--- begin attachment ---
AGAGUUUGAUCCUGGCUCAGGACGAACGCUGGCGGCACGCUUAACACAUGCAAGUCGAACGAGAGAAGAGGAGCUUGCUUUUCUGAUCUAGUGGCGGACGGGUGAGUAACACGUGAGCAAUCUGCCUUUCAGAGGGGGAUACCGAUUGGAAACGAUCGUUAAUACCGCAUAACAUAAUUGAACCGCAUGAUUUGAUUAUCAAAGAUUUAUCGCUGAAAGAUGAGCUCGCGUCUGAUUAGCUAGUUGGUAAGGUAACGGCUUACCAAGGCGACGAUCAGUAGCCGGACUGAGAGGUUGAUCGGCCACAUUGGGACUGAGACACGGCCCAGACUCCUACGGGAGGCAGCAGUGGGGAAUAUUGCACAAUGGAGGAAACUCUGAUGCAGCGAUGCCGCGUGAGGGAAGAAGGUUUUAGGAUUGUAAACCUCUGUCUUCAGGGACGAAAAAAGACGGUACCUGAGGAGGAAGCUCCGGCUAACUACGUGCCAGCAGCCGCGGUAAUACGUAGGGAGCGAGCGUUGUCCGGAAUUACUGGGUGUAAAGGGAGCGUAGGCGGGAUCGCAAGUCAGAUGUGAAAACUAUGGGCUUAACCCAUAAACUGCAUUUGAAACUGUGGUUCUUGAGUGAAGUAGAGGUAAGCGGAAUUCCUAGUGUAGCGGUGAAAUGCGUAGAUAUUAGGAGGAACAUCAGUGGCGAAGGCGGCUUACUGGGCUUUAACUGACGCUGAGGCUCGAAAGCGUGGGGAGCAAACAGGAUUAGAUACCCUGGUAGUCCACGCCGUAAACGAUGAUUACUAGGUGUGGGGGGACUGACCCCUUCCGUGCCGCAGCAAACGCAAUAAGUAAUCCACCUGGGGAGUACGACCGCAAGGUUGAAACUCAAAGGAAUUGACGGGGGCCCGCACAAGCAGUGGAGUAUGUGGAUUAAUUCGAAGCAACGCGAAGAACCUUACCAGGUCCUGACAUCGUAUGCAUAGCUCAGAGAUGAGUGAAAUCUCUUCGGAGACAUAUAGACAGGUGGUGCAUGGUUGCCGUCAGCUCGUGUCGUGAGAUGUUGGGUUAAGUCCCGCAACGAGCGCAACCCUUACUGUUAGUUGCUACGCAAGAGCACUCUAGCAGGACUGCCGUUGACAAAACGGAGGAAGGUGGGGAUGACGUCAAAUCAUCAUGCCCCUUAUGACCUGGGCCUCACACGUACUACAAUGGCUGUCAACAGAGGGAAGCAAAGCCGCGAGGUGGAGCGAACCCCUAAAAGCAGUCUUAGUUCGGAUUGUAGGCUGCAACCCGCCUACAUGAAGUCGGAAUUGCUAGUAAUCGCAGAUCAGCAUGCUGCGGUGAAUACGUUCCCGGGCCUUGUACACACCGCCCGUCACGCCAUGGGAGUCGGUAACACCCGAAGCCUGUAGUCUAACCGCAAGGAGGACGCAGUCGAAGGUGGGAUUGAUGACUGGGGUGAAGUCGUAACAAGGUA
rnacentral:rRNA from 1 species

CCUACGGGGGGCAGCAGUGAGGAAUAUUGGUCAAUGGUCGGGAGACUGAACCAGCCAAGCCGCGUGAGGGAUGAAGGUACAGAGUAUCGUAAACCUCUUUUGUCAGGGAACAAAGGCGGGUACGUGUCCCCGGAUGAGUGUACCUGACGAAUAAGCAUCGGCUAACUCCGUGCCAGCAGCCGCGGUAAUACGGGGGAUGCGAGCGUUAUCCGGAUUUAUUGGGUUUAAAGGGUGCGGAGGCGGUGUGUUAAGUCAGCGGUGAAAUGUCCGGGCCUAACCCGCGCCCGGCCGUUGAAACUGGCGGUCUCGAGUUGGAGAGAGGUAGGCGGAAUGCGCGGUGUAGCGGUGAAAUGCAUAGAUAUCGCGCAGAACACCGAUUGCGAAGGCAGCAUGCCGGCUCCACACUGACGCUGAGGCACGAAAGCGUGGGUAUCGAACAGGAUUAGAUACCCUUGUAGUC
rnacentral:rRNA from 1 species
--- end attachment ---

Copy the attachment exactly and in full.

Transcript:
AGAGUUUGAUCCUGGCUCAGGACGAACGCUGGCGGCACGCUUAACACAUGCAAGUCGAACGAGAGAAGAGGAGCUUGCUUUUCUGAUCUAGUGGCGGACGGGUGAGUAACACGUGAGCAAUCUGCCUUUCAGAGGGGGAUACCGAUUGGAAACGAUCGUUAAUACCGCAUAACAUAAUUGAACCGCAUGAUUUGAUUAUCAAAGAUUUAUCGCUGAAAGAUGAGCUCGCGUCUGAUUAGCUAGUUGGUAAGGUAACGGCUUACCAAGGCGACGAUCAGUAGCCGGACUGAGAGGUUGAUCGGCCACAUUGGGACUGAGACACGGCCCAGACUCCUACGGGAGGCAGCAGUGGGGAAUAUUGCACAAUGGAGGAAACUCUGAUGCAGCGAUGCCGCGUGAGGGAAGAAGGUUUUAGGAUUGUAAACCUCUGUCUUCAGGGACGAAAAAAGACGGUACCUGAGGAGGAAGCUCCGGCUAACUACGUGCCAGCAGCCGCGGUAAUACGUAGGGAGCGAGCGUUGUCCGGAAUUACUGGGUGUAAAGGGAGCGUAGGCGGGAUCGCAAGUCAGAUGUGAAAACUAUGGGCUUAACCCAUAAACUGCAUUUGAAACUGUGGUUCUUGAGUGAAGUAGAGGUAAGCGGAAUUCCUAGUGUAGCGGUGAAAUGCGUAGAUAUUAGGAGGAACAUCAGUGGCGAAGGCGGCUUACUGGGCUUUAACUGACGCUGAGGCUCGAAAGCGUGGGGAGCAAACAGGAUUAGAUACCCUGGUAGUCCACGCCGUAAACGAUGAUUACUAGGUGUGGGGGGACUGACCCCUUCCGUGCCGCAGCAAACGCAAUAAGUAAUCCACCUGGGGAGUACGACCGCAAGGUUGAAACUCAAAGGAAUUGACGGGGGCCCGCACAAGCAGUGGAGUAUGUGGAUUAAUUCGAAGCAACGCGAAGAACCUUACCAGGUCCUGACAUCGUAUGCAUAGCUCAGAGAUGAGUGAAAUCUCUUCGGAGACAUAUAGACAGGUGGUGCAUGGUUGCCGUCAGCUCGUGUCGUGAGAUGUUGGGUUAAGUCCCGCAACGAGCGCAACCCUUACUGUUAGUUGCUACGCAAGAGCACUCUAGCAGGACUGCCGUUGACAAAACGGAGGAAGGUGGGGAUGACGUCAAAUCAUCAUGCCCCUUAUGACCUGGGCCUCACACGUACUACAAUGGCUGUCAACAGAGGGAAGCAAAGCCGCGAGGUGGAGCGAACCCCUAAAAGCAGUCUUAGUUCGGAUUGUAGGCUGCAACCCGCCUACAUGAAGUCGGAAUUGCUAGUAAUCGCAGAUCAGCAUGCUGCGGUGAAUACGUUCCCGGGCCUUGUACACACCGCCCGUCACGCCAUGGGAGUCGGUAACACCCGAAGCCUGUAGUCUAACCGCAAGGAGGACGCAGUCGAAGGUGGGAUUGAUGACUGGGGUGAAGUCGUAACAAGGUA
rnacentral:rRNA from 1 species

CCUACGGGGGGCAGCAGUGAGGAAUAUUGGUCAAUGGUCGGGAGACUGAACCAGCCAAGCCGCGUGAGGGAUGAAGGUACAGAGUAUCGUAAACCUCUUUUGUCAGGGAACAAAGGCGGGUACGUGUCCCCGGAUGAGUGUACCUGACGAAUAAGCAUCGGCUAACUCCGUGCCAGCAGCCGCGGUAAUACGGGGGAUGCGAGCGUUAUCCGGAUUUAUUGGGUUUAAAGGGUGCGGAGGCGGUGUGUUAAGUCAGCGGUGAAAUGUCCGGGCCUAACCCGCGCCCGGCCGUUGAAACUGGCGGUCUCGAGUUGGAGAGAGGUAGGCGGAAUGCGCGGUGUAGCGGUGAAAUGCAUAGAUAUCGCGCAGAACACCGAUUGCGAAGGCAGCAUGCCGGCUCCACACUGACGCUGAGGCACGAAAGCGUGGGUAUCGAACAGGAUUAGAUACCCUUGUAGUC
rnacentral:rRNA from 1 species